Writer answers BDS call, refuses to sell translation rights to Hillary Clinton biography
Left-wing journalist Doug Henwood recently refused to sell the translation rights to his new biography of Democratic presidential candidate Hillary Clinton, entitled My Turn, to the Israeli publishing firm Probook Dyonon Publishing House.
His refusal is indeed in response to the Palestinian call for Boycott, Divestment, & Sanctions against Israel, he said to Palestine in America.
According to Henwood, his publisher, John Oakes of OR Books, reached out to Eitan Singer of Probook Dyonon without his permission in order to sell the rights to translate the book into Hebrew. In email correspondence between Oakes and Singer, Oaks quickly retracted his offer after speaking to Henwood.
Despite the fact that OR Books has not previously encountered a situation like Henwood’s, it stood by the writer.
“We support Doug Henwood in his decision; we believe authors have a right to determine the disposition of their work, and regard our relationship with our authors as fundamentally a cooperative one,” John Oakes told Palestine in America.
Following Henwood’s decision, Oaks wrote to Singer:
“Dear Eitan, I am more embarrassed than you can imagine…the author of the book participates in the boycott against Israel because of its treatment of the Palestinians, and therefore does not want to sell the rights. My sincere apologies.”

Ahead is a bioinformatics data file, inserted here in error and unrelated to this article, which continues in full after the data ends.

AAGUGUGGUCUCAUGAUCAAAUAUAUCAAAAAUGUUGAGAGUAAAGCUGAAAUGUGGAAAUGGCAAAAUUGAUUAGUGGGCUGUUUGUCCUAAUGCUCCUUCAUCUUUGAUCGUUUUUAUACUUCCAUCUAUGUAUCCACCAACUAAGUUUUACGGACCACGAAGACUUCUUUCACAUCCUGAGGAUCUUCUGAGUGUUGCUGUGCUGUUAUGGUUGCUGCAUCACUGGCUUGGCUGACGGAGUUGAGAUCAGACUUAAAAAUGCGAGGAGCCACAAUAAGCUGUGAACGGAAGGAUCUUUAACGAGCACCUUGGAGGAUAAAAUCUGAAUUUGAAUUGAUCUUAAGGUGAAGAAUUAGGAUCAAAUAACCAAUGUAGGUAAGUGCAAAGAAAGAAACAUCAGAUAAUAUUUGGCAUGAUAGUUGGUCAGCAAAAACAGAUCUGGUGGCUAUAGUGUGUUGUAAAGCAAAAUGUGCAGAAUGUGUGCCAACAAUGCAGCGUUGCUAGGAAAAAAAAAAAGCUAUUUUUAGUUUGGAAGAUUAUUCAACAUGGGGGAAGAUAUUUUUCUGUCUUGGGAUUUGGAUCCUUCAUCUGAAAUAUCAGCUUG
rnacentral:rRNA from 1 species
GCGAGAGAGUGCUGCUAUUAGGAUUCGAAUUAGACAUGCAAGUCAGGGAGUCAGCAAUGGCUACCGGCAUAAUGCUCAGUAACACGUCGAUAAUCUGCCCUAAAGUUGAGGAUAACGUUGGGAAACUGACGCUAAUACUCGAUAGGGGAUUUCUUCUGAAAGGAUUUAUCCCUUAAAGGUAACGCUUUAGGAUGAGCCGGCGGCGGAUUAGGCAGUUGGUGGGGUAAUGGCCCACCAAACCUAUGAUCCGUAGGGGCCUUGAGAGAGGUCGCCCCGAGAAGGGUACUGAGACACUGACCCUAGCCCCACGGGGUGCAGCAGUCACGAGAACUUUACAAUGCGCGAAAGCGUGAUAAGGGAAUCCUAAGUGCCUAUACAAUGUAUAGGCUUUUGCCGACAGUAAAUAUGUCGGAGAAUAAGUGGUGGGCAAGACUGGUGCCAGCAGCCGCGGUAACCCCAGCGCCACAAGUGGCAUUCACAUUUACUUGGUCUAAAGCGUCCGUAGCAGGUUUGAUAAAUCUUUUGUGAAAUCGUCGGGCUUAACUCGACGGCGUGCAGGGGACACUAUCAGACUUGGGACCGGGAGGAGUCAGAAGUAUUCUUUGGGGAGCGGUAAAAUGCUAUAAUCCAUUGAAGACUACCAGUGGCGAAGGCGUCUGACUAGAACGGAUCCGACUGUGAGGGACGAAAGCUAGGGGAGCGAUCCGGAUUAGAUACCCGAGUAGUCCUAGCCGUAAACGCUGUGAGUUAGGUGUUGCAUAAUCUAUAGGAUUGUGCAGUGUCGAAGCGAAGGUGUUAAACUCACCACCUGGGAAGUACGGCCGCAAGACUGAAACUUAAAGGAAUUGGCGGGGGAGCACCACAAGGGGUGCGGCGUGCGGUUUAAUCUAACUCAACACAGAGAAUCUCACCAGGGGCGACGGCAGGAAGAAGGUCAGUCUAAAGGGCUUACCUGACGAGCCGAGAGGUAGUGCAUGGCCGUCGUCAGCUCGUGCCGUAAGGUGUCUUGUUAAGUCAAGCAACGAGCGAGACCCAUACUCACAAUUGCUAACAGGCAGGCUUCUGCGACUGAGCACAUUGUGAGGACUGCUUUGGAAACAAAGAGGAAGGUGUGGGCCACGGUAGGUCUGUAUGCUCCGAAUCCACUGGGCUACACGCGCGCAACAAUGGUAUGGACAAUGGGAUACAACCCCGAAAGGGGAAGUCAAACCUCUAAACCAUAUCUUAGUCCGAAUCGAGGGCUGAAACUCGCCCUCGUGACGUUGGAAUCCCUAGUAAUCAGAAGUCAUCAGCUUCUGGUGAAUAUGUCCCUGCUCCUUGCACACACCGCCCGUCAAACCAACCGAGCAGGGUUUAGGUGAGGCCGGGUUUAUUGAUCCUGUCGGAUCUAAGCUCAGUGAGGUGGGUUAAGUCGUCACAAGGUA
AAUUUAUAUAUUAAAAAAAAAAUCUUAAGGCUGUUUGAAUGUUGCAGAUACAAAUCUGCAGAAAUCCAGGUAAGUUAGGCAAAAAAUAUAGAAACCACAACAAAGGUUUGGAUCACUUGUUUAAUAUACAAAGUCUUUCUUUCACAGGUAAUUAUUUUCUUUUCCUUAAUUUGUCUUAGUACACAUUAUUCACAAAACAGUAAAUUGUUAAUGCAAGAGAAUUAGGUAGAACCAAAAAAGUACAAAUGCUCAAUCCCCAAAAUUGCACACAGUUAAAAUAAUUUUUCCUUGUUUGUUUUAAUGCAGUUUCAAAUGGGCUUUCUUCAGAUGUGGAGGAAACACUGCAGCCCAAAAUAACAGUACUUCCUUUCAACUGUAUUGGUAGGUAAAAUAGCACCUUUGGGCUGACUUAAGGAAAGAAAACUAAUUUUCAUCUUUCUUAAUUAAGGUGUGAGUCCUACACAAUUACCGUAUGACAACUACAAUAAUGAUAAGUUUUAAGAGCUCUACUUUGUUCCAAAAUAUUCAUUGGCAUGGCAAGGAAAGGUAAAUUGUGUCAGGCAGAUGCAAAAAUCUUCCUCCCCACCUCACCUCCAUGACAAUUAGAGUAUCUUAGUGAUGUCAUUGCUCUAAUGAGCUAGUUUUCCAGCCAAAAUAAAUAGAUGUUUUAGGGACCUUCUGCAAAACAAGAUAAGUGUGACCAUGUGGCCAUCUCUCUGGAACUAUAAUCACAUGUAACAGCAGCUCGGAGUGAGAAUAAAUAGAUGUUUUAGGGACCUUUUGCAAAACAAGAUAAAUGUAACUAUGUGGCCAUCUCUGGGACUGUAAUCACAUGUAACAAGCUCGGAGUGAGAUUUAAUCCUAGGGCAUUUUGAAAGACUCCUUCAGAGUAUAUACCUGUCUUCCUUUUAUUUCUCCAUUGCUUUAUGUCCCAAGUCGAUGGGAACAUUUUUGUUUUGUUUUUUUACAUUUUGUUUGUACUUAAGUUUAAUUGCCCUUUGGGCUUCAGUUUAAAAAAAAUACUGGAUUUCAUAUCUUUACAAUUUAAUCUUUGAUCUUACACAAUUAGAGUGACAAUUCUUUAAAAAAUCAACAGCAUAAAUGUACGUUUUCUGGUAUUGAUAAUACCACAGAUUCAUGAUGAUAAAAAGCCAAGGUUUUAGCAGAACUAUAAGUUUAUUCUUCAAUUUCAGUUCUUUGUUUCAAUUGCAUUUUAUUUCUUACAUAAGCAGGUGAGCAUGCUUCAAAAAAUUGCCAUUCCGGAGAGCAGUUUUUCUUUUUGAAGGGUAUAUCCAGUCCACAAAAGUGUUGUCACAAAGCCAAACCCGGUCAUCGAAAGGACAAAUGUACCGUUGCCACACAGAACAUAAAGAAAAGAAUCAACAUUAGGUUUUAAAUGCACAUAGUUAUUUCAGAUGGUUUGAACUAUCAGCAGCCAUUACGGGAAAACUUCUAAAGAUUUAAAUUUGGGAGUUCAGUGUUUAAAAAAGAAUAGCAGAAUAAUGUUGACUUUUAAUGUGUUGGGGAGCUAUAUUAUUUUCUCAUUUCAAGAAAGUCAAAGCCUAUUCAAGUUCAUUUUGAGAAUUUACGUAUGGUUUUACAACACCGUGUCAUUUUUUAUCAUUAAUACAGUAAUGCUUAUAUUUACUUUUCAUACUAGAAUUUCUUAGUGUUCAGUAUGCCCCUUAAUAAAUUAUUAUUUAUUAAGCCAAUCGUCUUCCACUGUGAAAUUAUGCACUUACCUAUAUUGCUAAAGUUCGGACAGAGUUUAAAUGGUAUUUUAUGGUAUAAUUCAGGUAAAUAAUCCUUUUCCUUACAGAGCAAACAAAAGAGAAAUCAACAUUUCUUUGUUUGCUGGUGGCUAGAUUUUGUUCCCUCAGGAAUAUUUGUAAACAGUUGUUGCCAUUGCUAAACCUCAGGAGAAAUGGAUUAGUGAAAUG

Singer received the email only a day after Oaks suggested a bid be made for the translation rights, Singer told Israel Hayom.
“Boycotts, silencing people, or refusing to acknowledge different opinions go against the very nature of the publishing world. Freedom of expression trumps everything….In the publishing field, the freedom of speech is the most appreciated value. In this boycott, the author is acting with an hypocritical attitude. He himself is expressing views in the free world, but preventing others from sharing them,” Singer said.
The BDS movement has received wide criticism for alleged attacks on freedom of expression, much like the concern voiced by Singer.
For example, as laid out in the joint report by Palestine Legal and the Center for Constitutional Rights, campuses throughout the U.S. have seen systematic attempts to infringe on the right to freedom of speech of many Palestine solidarity activists, especially during their divestment campaigns.
University of California Regent Richard Blum has publicly advocated for tighter restrictions of Palestine activism, pushing an enforcement of censorship that would result in expulsions and suspensions of any student to criticize the state of Israel’s actions. Blum, married to Senator Dianne Feinstein of California, even threatened that his wife would publicly denounce the University if it didn’t consider this flagrant attempt to shut down criticism of Israel on UC’s campuses.
Even on campuses outside the U.S., the same exceptions to free speech are witnessed. According to a statement by McGill University’s Students in Solidarity for Palestinian Human Rights (SPHR), “Freedom of speech is a core Canadian value that has been enshrined in our Charter of Rights and Freedoms, and perhaps much to politicians’ dismay, that does not only mean the protection of popular speech,” responding to Canadian Prime Minister Justin Trudeau’s condemnation of their campaign in lieu of freedom of speech.